Must-Read NY Times Article on Civic Participation, Open Gov’t and Social Media    

There was a fantastic article (‘Athens’ on the Net) by Anand Giridharadas in Sunday’s New York Times, on the relationship between civic participation, open government and social media.  This is a must-read for everyone involved in public dialogue and deliberation.  (Congratulations NCDD member Jim Fishkin, who is quoted several times in the article!)

Part of the article is below; read the full article at

‘Athens’ on the Net

September 13, 2009, New York Times


Perhaps the biggest big idea to gather speed during the last millennium was that we humans might govern ourselves. But no one really meant it.

What was really meant in most places was that we would elect people to govern us and sporadically renew or revoke their contracts. It was enough. There was no practicable way to involve all of us, all the time.

The headlines from Washington today blare of bailouts, stimulus, clunkers, Afpak, health care. But it is possible that future historians, looking back, will fixate on a quieter project of Barack Obama’s White House: its exploration of how government might be opened to greater public participation in the digital age, of how to make self-government more than a metaphor.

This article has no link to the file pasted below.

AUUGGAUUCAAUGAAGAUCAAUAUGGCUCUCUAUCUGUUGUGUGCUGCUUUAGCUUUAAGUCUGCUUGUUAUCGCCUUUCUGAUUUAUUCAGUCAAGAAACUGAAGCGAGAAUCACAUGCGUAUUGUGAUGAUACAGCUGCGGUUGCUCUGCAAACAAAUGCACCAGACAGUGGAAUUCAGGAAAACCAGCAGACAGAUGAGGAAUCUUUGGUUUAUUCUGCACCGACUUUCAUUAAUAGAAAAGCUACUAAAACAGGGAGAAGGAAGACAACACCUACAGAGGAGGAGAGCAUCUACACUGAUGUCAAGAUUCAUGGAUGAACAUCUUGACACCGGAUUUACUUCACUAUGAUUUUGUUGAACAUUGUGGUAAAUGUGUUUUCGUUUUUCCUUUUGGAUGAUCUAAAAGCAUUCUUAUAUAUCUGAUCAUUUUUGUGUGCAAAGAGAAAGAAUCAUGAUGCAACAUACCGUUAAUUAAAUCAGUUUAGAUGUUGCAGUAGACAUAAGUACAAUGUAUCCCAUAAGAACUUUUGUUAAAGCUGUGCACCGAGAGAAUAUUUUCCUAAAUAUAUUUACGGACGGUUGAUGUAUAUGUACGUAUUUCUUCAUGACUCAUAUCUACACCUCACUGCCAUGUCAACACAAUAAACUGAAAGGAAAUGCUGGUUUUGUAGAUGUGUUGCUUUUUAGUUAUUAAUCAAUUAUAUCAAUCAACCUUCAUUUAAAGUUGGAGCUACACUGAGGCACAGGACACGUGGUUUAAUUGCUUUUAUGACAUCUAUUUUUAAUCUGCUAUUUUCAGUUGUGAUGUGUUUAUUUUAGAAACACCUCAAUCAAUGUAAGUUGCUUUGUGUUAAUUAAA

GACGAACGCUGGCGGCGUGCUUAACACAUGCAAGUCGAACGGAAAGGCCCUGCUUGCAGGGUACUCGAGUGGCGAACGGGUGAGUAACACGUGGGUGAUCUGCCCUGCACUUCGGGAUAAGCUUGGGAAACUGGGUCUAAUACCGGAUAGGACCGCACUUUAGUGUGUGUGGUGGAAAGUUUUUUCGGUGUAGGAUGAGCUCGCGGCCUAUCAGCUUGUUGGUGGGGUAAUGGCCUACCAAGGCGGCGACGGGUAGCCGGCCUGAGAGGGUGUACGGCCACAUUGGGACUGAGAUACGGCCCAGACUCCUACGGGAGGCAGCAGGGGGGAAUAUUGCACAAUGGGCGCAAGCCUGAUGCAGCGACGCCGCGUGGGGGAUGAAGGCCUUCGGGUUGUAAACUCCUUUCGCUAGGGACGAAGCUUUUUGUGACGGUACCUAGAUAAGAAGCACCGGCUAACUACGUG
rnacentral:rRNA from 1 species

President Obama declared during the campaign that “we are the ones we’ve been waiting for.” That messianic phrase held the promise of a new style of politics in this time of tweets and pokes. But it was vague, a paradigm slipped casually into our drinks. To date, the taste has proven bittersweet. (more…)

NCDD’s Twitter Stream & More    

NewNCDDLogoJust made two cool changes to the NCDD blog…

(1) Thanks to a WordTwit plug-in, all new posts should now be automatically announced on NCDD’s Twitter stream (at in case you want to follow us!). They already automatically go to my Facebook wall and the NCDD LinkedIn group.

(2) We also added a new “share” button that appears below each post, that allows you to easily share any post on Facebook, LinkedIn, Twitter, Delicious, Ping, and a bunch of other social media sites.  (We had gotten rid of the ‘share’ links on our blog a while back because so few of you were on these sites, but that’s no longer the case.)  It also allows you to email a blog post to a colleague, and to bookmark posts.

Please consider following NCDD on Twitter, and when you see a blog post you think it particularly interesting or useful, please share it on your social networks!  That kind of exposure is not only a great help to NCDD, but it also helps increase awareness about dialogue and deliberation in general.

Find similar posts: NCDD Stuff,projects & goings-on

Free Nat’l Civic Review issue on decision-making in local government